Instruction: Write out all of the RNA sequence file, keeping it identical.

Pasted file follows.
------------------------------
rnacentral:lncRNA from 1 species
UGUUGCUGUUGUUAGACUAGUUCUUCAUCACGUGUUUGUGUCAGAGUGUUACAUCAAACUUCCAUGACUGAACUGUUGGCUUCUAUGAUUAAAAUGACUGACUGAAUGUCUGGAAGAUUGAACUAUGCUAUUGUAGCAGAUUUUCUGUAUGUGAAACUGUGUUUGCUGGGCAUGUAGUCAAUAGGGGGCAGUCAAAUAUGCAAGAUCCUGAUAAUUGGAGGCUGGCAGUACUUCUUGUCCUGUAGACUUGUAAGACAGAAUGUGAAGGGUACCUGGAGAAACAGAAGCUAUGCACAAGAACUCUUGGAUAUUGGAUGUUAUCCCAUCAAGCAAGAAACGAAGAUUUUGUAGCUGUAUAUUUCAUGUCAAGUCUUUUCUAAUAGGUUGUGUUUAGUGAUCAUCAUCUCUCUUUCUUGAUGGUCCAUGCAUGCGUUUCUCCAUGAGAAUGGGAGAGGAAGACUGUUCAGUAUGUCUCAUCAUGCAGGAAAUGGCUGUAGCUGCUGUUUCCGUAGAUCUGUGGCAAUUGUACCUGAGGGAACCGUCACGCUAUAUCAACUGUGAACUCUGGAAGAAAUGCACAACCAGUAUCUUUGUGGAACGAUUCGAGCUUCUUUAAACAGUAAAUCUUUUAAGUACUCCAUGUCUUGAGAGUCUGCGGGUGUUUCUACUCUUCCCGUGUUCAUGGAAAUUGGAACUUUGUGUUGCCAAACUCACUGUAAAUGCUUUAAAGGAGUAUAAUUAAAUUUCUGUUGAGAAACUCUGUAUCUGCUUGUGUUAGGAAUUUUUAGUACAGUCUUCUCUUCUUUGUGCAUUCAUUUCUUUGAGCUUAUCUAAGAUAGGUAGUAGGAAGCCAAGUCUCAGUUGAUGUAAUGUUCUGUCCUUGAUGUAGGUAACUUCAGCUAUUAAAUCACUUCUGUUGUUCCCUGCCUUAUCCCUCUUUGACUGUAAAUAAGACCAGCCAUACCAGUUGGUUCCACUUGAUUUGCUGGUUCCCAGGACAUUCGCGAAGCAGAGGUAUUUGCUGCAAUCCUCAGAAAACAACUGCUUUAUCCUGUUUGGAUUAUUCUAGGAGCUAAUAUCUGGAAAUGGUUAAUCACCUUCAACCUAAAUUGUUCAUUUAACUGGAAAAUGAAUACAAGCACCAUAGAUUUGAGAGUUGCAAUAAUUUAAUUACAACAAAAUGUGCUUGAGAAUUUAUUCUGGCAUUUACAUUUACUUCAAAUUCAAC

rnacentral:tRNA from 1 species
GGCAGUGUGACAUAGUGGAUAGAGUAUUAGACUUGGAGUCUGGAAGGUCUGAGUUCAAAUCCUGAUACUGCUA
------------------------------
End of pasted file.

rnacentral:lncRNA from 1 species
UGUUGCUGUUGUUAGACUAGUUCUUCAUCACGUGUUUGUGUCAGAGUGUUACAUCAAACUUCCAUGACUGAACUGUUGGCUUCUAUGAUUAAAAUGACUGACUGAAUGUCUGGAAGAUUGAACUAUGCUAUUGUAGCAGAUUUUCUGUAUGUGAAACUGUGUUUGCUGGGCAUGUAGUCAAUAGGGGGCAGUCAAAUAUGCAAGAUCCUGAUAAUUGGAGGCUGGCAGUACUUCUUGUCCUGUAGACUUGUAAGACAGAAUGUGAAGGGUACCUGGAGAAACAGAAGCUAUGCACAAGAACUCUUGGAUAUUGGAUGUUAUCCCAUCAAGCAAGAAACGAAGAUUUUGUAGCUGUAUAUUUCAUGUCAAGUCUUUUCUAAUAGGUUGUGUUUAGUGAUCAUCAUCUCUCUUUCUUGAUGGUCCAUGCAUGCGUUUCUCCAUGAGAAUGGGAGAGGAAGACUGUUCAGUAUGUCUCAUCAUGCAGGAAAUGGCUGUAGCUGCUGUUUCCGUAGAUCUGUGGCAAUUGUACCUGAGGGAACCGUCACGCUAUAUCAACUGUGAACUCUGGAAGAAAUGCACAACCAGUAUCUUUGUGGAACGAUUCGAGCUUCUUUAAACAGUAAAUCUUUUAAGUACUCCAUGUCUUGAGAGUCUGCGGGUGUUUCUACUCUUCCCGUGUUCAUGGAAAUUGGAACUUUGUGUUGCCAAACUCACUGUAAAUGCUUUAAAGGAGUAUAAUUAAAUUUCUGUUGAGAAACUCUGUAUCUGCUUGUGUUAGGAAUUUUUAGUACAGUCUUCUCUUCUUUGUGCAUUCAUUUCUUUGAGCUUAUCUAAGAUAGGUAGUAGGAAGCCAAGUCUCAGUUGAUGUAAUGUUCUGUCCUUGAUGUAGGUAACUUCAGCUAUUAAAUCACUUCUGUUGUUCCCUGCCUUAUCCCUCUUUGACUGUAAAUAAGACCAGCCAUACCAGUUGGUUCCACUUGAUUUGCUGGUUCCCAGGACAUUCGCGAAGCAGAGGUAUUUGCUGCAAUCCUCAGAAAACAACUGCUUUAUCCUGUUUGGAUUAUUCUAGGAGCUAAUAUCUGGAAAUGGUUAAUCACCUUCAACCUAAAUUGUUCAUUUAACUGGAAAAUGAAUACAAGCACCAUAGAUUUGAGAGUUGCAAUAAUUUAAUUACAACAAAAUGUGCUUGAGAAUUUAUUCUGGCAUUUACAUUUACUUCAAAUUCAAC

rnacentral:tRNA from 1 species
GGCAGUGUGACAUAGUGGAUAGAGUAUUAGACUUGGAGUCUGGAAGGUCUGAGUUCAAAUCCUGAUACUGCUA